|Cited Patent||Filing date||Publication date||Applicant||Title|
|US6778557||25 Jan 1999||17 Aug 2004||Kabushiki Kaisha Toshiba||Point-to-multipoint communication system|
|US6892237 *||28 Mar 2000||10 May 2005||Cisco Technology, Inc.||Method and apparatus for high-speed parsing of network messages|
|US7353332 *||11 Oct 2005||1 Apr 2008||Integrated Device Technology, Inc.||Switching circuit implementing variable string matching|
|US7406470||17 Aug 2005||29 Jul 2008||Intel Corporation||Full regular expression search of network traffic|
|US7464254||8 Jan 2004||9 Dec 2008||Cisco Technology, Inc.||Programmable processor apparatus integrating dedicated search registers and dedicated state machine registers with associated execution hardware to support rapid application of rulesets to data|
|US7472285||25 Jun 2003||30 Dec 2008||Intel Corporation||Apparatus and method for memory encryption with reduced decryption latency|
|US7660140 *||22 Dec 2008||9 Feb 2010||Netlogic Microsystems, Inc.||Content addresable memory having selectively interconnected counter circuits|
|US7685254||30 Dec 2005||23 Mar 2010||Pandya Ashish A||Runtime adaptable search processor|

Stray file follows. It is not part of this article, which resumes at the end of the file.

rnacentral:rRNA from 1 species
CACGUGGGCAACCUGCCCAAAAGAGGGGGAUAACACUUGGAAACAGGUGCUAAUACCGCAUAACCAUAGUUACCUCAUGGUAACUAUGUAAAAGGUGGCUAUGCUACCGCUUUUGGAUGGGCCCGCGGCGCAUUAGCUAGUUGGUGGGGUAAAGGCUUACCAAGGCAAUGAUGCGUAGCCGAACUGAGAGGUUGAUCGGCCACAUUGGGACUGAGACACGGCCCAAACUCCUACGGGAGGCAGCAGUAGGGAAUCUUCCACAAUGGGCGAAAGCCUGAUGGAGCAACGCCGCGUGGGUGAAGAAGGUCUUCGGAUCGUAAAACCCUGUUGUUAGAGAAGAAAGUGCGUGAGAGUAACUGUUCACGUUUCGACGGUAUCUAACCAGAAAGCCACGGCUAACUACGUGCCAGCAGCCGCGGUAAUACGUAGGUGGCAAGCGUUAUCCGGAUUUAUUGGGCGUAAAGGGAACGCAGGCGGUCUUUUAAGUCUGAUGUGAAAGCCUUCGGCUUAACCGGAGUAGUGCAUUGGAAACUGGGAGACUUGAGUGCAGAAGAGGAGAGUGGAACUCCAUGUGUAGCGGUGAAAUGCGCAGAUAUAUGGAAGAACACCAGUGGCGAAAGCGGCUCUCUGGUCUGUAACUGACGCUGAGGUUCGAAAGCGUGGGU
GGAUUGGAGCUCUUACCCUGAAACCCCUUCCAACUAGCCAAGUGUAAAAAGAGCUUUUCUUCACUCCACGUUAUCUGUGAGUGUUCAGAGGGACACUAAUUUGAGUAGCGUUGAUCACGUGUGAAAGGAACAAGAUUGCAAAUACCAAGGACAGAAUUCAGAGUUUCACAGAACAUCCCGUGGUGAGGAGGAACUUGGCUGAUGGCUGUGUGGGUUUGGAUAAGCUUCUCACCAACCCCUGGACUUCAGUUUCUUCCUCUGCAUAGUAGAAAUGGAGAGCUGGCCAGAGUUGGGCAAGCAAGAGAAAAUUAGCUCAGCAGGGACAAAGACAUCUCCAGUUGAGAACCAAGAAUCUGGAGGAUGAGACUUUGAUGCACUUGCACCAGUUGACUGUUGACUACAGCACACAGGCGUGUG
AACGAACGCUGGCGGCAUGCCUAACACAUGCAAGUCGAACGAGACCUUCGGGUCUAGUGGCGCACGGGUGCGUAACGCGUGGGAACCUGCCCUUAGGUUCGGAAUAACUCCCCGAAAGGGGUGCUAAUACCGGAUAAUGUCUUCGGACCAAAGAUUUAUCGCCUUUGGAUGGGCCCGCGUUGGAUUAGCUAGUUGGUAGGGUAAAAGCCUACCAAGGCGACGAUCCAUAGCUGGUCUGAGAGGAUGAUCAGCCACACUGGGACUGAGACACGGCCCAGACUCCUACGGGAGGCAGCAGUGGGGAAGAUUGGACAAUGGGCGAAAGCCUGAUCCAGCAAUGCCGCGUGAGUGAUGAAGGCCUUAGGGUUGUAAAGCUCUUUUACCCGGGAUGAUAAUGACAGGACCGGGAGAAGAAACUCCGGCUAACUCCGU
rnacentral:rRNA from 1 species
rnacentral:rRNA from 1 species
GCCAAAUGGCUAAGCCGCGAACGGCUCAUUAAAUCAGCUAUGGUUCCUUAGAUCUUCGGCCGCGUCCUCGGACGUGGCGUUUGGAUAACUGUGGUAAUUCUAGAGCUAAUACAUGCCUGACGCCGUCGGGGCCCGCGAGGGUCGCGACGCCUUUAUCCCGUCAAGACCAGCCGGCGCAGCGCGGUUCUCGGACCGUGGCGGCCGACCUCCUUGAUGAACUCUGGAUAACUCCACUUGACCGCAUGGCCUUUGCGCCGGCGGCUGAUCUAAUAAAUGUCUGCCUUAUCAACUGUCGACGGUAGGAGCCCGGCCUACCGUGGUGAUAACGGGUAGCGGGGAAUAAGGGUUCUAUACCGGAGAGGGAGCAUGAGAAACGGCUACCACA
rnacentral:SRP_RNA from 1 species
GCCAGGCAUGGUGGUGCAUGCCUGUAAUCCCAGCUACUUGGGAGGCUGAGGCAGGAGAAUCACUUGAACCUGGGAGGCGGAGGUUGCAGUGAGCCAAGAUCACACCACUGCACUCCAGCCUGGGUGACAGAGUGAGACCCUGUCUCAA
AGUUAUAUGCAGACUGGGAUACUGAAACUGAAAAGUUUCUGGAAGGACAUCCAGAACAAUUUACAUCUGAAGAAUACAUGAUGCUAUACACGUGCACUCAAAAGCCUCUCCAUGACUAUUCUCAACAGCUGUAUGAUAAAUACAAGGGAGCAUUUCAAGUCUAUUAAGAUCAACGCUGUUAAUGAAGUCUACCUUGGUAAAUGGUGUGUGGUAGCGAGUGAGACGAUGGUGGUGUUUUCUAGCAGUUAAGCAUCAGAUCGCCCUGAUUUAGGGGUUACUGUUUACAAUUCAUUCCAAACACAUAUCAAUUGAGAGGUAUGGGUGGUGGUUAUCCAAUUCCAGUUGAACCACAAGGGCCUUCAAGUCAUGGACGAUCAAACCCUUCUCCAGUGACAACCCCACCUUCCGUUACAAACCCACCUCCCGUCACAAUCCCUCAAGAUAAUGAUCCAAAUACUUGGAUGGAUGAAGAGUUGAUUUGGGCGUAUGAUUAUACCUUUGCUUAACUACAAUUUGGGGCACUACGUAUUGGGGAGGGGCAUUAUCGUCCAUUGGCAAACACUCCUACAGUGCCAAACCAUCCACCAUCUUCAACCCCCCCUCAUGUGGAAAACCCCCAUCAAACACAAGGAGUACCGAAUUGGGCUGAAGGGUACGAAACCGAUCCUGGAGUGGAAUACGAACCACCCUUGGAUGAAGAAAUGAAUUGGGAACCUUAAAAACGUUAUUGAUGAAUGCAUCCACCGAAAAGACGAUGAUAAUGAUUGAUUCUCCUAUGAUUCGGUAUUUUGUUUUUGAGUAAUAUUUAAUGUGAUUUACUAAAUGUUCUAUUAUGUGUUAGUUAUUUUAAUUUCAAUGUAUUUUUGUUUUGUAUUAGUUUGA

|US20020161664||17 Oct 2001||31 Oct 2002||Shaya Steven A.||Intelligent performance-based product recommendation system|
|US20040059443||27 Aug 2003||25 Mar 2004||Harshvardhan Sharangpani||Method and apparatus for efficient implementation and evaluation of state machines and programmable finite state automata|
|US20040083387||31 Dec 2002||29 Apr 2004||Dapp Michael C.||Intrusion detection accelerator|
|US20040215593 *||8 Jan 2004||28 Oct 2004||Harshvardhan Sharangpani||Programmable processor apparatus integrating dedicated search registers and dedicated state machine registers with associated execution hardware to support rapid application of rulesets to data|
|US20050012521||8 Jan 2004||20 Jan 2005||Harshvardhan Sharangpani||Methods and apparatuses for evaluation of regular expressions of arbitrary size|
|US20050052934||9 Sep 2003||10 Mar 2005||Tran Hieu Van||Unified multilevel cell memory|